His two year old year just continued to show his brilliance. He never ever took a step wrong when I broke him to ride. I was terrified of him bucking so I did all kinds of crazy things to him before I even acted like I was going to get on the saddle. I put tires on the saddle. I concocted crazy contraptions with whips and raincoats to simulate a person. I’m sure that by the time I actually rode him he was relieved to be done with the shenanigans! We worked very hard all year and he was a very broke 2 year old by the time we got to the fair. The judge, however, was horrible. She decided that there was no way I could have possibly trained him so well on my own so wouldn’t give us higher than a blue ribbon (Grand and Reserve Champion were the winners, everyone else got a blue, red or white ribbon depending on how they did) in any of our classes. I was furious and so frustrated. Jaguar was starting to show a lot of promise as a reining horse so my parents and I made the decision to quit 4-H and move on to only show in the American Quarter Horse Association and National Reining Horse Association shows. I learned young that people like to punish others for being better than them at something, even if it was legitimately earned. Nice lesson for a 15 year old kid, right?!
Sadly I don’t have any photos of Jaguar reining. They are all in Montana, still. He was a fabulous reining horse, but the same troubles would always bubble up. As soon as Jaguar figures something out, he makes it more interesting for himself. Like spooking at chairs by the arena that have been in the same spot for 3 days, but he just now noticed them. Or anticipating parts of reining patterns and doing them before he’s supposed to. After three or four years as a reiner he had to move onto a new career because he knew all of the patterns and there was no way you could trick him to wait for cues.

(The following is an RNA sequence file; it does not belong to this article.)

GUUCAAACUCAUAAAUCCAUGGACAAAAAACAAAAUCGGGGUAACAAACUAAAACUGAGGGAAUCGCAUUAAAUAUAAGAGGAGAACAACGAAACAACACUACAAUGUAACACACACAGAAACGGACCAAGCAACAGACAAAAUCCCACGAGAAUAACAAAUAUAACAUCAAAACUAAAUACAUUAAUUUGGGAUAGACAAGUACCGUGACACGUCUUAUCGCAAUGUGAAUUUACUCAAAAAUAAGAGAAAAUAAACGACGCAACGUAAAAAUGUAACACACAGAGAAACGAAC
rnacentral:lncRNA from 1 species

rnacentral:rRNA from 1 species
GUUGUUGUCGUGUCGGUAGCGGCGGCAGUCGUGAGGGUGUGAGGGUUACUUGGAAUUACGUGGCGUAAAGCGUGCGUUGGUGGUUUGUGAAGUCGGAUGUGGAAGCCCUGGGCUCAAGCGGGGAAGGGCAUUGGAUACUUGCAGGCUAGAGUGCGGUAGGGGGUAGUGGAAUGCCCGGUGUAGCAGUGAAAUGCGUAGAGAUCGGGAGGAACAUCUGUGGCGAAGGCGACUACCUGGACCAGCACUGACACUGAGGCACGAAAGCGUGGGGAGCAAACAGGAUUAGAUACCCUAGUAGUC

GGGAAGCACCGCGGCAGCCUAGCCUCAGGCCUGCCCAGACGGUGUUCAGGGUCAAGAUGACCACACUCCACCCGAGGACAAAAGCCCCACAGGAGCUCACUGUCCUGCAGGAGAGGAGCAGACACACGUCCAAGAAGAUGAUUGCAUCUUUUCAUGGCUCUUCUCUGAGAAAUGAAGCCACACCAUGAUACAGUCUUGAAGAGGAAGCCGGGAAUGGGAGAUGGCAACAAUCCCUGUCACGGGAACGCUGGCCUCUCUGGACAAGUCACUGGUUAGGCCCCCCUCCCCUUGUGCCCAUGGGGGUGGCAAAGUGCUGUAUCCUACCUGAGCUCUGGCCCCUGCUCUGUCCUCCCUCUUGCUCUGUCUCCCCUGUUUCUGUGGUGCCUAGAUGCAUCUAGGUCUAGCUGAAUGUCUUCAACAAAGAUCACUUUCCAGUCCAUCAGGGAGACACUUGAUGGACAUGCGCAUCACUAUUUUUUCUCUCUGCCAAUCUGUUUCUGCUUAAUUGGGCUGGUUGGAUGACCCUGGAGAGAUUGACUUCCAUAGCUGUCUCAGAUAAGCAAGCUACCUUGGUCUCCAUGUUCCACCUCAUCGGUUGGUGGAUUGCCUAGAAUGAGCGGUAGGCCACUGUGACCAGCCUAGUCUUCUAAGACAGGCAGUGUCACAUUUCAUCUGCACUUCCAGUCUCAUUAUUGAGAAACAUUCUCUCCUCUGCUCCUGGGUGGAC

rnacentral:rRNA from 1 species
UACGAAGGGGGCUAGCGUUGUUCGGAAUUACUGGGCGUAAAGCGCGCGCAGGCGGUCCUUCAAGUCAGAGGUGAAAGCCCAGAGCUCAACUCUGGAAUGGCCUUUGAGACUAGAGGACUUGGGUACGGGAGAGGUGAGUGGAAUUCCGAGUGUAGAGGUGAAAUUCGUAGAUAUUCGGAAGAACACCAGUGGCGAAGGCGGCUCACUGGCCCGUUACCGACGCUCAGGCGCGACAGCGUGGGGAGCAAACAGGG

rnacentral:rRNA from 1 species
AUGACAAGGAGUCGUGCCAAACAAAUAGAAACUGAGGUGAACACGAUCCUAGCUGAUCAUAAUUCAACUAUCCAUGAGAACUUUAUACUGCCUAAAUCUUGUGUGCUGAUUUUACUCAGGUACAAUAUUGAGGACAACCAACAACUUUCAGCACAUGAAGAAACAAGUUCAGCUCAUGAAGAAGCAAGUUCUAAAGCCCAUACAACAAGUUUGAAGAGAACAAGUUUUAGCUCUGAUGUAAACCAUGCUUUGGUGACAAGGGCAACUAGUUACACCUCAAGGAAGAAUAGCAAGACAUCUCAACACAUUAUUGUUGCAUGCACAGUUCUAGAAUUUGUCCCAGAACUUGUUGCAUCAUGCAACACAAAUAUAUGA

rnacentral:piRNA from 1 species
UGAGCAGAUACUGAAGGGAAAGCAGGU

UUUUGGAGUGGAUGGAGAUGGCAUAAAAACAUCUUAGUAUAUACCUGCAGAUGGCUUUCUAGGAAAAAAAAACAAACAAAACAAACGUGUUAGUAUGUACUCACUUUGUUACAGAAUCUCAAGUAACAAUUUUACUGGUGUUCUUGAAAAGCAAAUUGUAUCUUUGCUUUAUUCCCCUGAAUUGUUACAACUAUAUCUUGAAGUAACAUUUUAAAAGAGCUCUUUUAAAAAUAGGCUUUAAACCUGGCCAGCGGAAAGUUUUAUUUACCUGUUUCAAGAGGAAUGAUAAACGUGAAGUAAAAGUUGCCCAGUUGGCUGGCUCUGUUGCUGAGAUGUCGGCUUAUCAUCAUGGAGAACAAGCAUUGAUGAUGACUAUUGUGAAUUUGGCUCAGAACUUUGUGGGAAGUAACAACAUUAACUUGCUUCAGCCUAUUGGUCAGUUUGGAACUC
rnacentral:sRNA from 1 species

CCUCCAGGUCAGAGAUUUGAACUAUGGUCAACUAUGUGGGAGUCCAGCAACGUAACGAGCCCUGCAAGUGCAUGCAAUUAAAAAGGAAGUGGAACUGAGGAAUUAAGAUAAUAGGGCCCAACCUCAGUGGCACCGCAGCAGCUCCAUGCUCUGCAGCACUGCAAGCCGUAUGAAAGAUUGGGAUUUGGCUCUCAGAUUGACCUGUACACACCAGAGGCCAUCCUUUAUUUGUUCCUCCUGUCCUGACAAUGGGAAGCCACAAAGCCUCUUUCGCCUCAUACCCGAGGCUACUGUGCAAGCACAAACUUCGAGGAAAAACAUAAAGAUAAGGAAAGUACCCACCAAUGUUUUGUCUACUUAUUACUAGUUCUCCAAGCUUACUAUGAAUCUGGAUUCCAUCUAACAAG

Trail riding selfie
My Dad used him to rope on at brandings and to sort cattle. My Mom showed him in some local shows and basically won everything they could possibly win. They finally told me in 2006 that I needed to take him to Texas. I couldn’t really believe my Dad had actually given me the option to keep him. He always sold my horses and never gave me any input on the decision. It was bittersweet when they brought him down because about a month after they visited Texas my Dad died from a blood clot that was a result of an injury from an accident he was in while riding a horse he had. For that and a myriad of other reasons Jaguar is one of the strongest living reminders of my relationship with my Dad.
And how many 34 year olds have pets (if you can call a horse a pet) that they had when they were 13 years old? Jaguar has seen me through ALL of major life events. Think about it; prom, my first boyfriend, starting high school, graduating from high school, going off to college, graduating from college, moving away from home, my first job, my wedding. He’s been in my life for every single thing. I can remember getting mad at friends or parents in different times in my life and going out to the barn and spewing my frustrations to Jaguar and the other horses I had at the time.
Jaguar the fox hunter!
Jaguar turned 21 last Saturday. I don’t know why this birthday seems like such a milestone, but it really does. I love that horse to pieces! My parents bought and sold so many of my horses while I was growing up that I learned quickly to never get attached to them. I still don’t really get attached to them (or at least I think I don’t, we’ll see when I actually need to sell one!) like I feel attached to Jaguar. He bucks on most every fox hunt and acts like an idiot for the first 45 minutes of every trail ride, but when push comes to shove he’ll always step up. I can put any inexperienced rider on him and he’ll be absolutely perfect. I was trail riding with hunt friends last weekend and we had an episode that caused Jaguar to spin around faster than I could stay on and I remember falling on the ground and him stepping over me so the other horse running by wouldn’t step on me.
So, cheers to Jaguar! Easily the best horse I will ever have the pleasure of riding! And he earns extra credit points for being the absolute best baby sitter of baby horses you could ever ask for. Just ask Coco.